With Crider and new cast members providing the fuel, it begins Tuesday night at Newark’s Prudential Center.
“It will definitely revive the rivalry,” Rangers coach Gerard Gallant said.
The team arenas are approximately 22 kilometers apart and are separated by the Hudson River. Their fans socialize at games, in bars, at work, and sometimes with family. Both fan groups have infiltrated each other’s arenas, and the last time the teams met was in Newark in March, half the building appeared to be wearing Rangers blue.
“If I had to make a decision, there would be a few fewer players here,” said Devils forward Eric Howrah. “But it’s going to be intense for everyone.”
The two have faced each other in the playoffs six times, with the Devils winning two of their last three meetings (2012 and 2006) and the Rangers winning the first three.
“There were Hall of Famers all over the ice,” recalls Daneyko. “He had one of the best playoff series in hockey history.”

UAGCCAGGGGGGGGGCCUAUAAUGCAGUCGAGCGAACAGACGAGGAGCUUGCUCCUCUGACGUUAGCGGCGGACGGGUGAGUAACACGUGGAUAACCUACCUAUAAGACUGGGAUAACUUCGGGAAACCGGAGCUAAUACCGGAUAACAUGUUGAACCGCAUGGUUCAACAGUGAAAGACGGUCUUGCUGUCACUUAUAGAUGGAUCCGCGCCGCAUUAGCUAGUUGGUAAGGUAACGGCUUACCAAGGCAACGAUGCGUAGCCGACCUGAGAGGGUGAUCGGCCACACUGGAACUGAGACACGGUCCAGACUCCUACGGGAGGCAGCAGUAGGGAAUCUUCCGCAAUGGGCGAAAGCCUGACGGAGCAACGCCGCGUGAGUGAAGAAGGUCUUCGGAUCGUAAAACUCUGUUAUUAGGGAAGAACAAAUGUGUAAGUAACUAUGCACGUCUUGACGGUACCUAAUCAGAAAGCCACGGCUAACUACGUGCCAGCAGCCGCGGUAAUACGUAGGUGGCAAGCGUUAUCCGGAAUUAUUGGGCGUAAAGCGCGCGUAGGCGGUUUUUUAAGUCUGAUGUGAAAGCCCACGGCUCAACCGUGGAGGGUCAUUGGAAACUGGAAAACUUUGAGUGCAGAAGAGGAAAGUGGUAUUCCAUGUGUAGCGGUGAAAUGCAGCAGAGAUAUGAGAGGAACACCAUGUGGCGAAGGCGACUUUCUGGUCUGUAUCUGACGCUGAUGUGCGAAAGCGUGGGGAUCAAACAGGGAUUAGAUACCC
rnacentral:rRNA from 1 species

It ended with one of the most famous broadcast calls in professional sports when Howie Rose yelled “Mato, Mato, Mato!” On WFAN radio, Stephane Mato’s series-winning goal will forever be added to the lexicon of legendary sporting moments. This meant Stanley defeated his Canucks in Vancouver for the title for the first time since 1940 in the finals of his Cup, erasing decades of pain for the franchise and its fans.
“There was a lot more going into that goal than who made it to the Stanley Cup,” Rose said.